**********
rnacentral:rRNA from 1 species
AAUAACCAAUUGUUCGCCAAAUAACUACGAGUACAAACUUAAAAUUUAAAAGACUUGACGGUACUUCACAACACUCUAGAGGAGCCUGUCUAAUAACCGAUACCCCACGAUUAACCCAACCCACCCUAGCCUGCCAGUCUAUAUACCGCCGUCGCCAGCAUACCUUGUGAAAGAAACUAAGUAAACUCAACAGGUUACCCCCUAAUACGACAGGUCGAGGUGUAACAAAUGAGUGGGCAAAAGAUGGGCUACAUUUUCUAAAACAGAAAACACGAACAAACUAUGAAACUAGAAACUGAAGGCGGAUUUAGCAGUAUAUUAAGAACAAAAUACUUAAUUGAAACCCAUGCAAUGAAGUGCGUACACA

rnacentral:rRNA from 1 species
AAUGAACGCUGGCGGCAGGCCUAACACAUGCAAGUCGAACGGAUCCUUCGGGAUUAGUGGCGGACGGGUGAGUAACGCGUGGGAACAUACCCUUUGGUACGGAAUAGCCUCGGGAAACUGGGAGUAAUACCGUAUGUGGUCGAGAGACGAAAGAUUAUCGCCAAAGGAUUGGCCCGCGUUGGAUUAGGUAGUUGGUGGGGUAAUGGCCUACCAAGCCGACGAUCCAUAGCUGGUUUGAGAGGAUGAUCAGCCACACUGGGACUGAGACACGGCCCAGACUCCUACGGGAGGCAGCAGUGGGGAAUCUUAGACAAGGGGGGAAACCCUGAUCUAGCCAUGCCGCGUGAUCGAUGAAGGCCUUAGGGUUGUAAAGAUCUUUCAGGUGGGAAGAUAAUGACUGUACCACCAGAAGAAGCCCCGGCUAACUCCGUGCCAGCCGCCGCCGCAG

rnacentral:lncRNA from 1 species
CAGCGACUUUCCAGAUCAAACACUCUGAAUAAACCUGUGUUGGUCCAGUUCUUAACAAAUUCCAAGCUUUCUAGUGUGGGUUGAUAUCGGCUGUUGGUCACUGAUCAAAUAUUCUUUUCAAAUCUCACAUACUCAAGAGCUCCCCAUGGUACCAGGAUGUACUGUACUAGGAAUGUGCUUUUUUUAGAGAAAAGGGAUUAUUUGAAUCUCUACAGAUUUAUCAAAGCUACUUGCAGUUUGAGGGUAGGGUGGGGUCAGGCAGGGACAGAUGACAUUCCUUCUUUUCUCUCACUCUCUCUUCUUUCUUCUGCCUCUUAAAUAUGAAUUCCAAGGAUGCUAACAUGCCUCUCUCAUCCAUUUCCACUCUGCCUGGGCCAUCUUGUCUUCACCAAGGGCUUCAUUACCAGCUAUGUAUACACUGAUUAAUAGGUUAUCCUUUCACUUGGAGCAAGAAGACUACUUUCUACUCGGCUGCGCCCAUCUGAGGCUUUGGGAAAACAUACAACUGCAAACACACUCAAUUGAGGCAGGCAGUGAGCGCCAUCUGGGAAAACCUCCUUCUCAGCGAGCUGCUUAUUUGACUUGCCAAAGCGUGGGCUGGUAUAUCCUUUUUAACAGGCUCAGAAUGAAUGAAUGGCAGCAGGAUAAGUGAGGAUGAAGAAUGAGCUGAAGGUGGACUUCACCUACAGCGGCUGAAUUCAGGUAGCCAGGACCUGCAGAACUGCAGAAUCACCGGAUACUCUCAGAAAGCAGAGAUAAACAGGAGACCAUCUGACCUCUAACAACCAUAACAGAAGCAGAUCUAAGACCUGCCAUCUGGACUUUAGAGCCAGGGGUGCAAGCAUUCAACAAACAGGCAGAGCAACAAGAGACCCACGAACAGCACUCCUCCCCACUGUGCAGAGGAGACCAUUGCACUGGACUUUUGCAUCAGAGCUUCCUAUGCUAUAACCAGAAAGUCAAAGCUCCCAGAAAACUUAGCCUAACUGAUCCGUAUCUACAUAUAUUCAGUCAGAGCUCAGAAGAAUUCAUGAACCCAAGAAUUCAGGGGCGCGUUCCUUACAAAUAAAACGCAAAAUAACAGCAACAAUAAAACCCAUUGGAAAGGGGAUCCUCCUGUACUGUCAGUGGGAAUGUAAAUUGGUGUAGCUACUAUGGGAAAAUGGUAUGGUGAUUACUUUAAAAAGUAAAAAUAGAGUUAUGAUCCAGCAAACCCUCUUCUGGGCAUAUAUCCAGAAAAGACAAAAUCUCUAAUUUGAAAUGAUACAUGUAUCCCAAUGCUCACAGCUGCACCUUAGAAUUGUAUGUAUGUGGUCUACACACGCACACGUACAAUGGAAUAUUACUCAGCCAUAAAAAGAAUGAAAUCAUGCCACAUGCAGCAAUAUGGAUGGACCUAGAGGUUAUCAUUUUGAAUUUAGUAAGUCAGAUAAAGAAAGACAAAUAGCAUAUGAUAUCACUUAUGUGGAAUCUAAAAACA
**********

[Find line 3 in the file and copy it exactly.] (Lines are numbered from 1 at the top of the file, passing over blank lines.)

rnacentral:rRNA from 1 species